Communicating future sea-level rise uncertainty and ambiguity to assessment users

Robert E. Kopp, Michael Oppenheimer, Jessica L. O’Reilly, Sybren S. Drijfhout, Tamsin L. Edwards, Baylor Fox-Kemper, Gregory G. Garner, Nicholas R. Golledge, Tim H.J. Hermans, Helene T. Hewitt, Benjamin P. Horton, Gerhard Krinner, Dirk Notz, Sophie Nowicki, Matthew D. Palmer, Aimée B.A. Slangen, Cunde Xiao

Research output: Contribution to journalReview articlepeer-review

4 Scopus citations


Future sea-level change is characterized by both quantifiable and unquantifiable uncertainties. Effective communication of both types of uncertainty is a key challenge in translating sea-level science to inform long-term coastal planning. Scientific assessments play a key role in the translation process and have taken diverse approaches to communicating sea-level projection uncertainty. Here we review how past IPCC and regional assessments have presented sea-level projection uncertainty, how IPCC presentations have been interpreted by regional assessments and how regional assessments and policy guidance simplify projections for practical use. This information influenced the IPCC Sixth Assessment Report presentation of quantifiable and unquantifiable uncertainty, with the goal of preserving both elements as projections are adapted for regional application.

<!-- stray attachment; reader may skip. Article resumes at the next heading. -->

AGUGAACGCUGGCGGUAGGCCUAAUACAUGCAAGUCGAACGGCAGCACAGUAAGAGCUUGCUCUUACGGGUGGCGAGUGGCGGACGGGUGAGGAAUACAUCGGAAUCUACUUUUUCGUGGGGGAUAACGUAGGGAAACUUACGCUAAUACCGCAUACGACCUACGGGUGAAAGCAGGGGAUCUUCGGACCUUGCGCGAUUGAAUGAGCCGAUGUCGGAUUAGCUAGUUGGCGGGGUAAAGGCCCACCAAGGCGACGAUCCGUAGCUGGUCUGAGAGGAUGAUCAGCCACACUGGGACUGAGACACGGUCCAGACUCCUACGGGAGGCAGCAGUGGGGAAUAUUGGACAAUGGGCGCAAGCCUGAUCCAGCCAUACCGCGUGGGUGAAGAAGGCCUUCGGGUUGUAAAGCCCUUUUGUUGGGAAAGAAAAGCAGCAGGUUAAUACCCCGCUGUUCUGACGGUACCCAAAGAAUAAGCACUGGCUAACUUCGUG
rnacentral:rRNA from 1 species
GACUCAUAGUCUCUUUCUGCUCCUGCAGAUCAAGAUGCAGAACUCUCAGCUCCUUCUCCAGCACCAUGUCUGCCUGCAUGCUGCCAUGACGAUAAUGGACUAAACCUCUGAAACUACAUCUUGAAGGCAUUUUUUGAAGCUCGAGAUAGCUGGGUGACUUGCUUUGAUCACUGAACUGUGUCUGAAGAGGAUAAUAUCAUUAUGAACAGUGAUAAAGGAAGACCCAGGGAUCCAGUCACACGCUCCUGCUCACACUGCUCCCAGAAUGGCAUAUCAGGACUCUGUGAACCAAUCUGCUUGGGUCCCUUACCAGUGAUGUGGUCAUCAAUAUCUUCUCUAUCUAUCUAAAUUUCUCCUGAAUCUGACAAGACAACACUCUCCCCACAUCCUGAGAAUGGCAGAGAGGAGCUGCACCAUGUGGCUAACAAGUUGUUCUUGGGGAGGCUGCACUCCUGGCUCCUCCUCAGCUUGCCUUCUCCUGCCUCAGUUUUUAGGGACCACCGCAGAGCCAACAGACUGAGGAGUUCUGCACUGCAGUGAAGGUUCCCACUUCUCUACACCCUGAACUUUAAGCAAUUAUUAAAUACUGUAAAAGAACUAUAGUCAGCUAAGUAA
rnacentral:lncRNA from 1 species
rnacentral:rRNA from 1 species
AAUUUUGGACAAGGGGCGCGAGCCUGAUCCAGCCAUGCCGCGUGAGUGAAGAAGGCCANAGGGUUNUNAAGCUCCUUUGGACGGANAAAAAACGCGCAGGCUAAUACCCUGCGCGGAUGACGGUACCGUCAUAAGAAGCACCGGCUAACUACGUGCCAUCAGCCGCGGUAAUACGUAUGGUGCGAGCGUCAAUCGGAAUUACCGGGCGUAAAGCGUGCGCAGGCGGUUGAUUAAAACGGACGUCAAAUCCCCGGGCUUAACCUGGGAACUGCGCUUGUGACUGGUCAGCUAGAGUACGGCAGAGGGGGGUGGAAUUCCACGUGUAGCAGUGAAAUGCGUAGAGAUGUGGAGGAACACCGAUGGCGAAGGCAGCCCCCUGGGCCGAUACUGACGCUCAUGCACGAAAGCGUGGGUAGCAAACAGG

Original languageEnglish (US)
Pages (from-to)648-660
Number of pages13
JournalNature Climate Change
Issue number7
StatePublished - Jul 2023

All Science Journal Classification (ASJC) codes

  • Environmental Science (miscellaneous)
  • Social Sciences (miscellaneous)


Dive into the research topics of 'Communicating future sea-level rise uncertainty and ambiguity to assessment users'. Together they form a unique fingerprint.

Cite this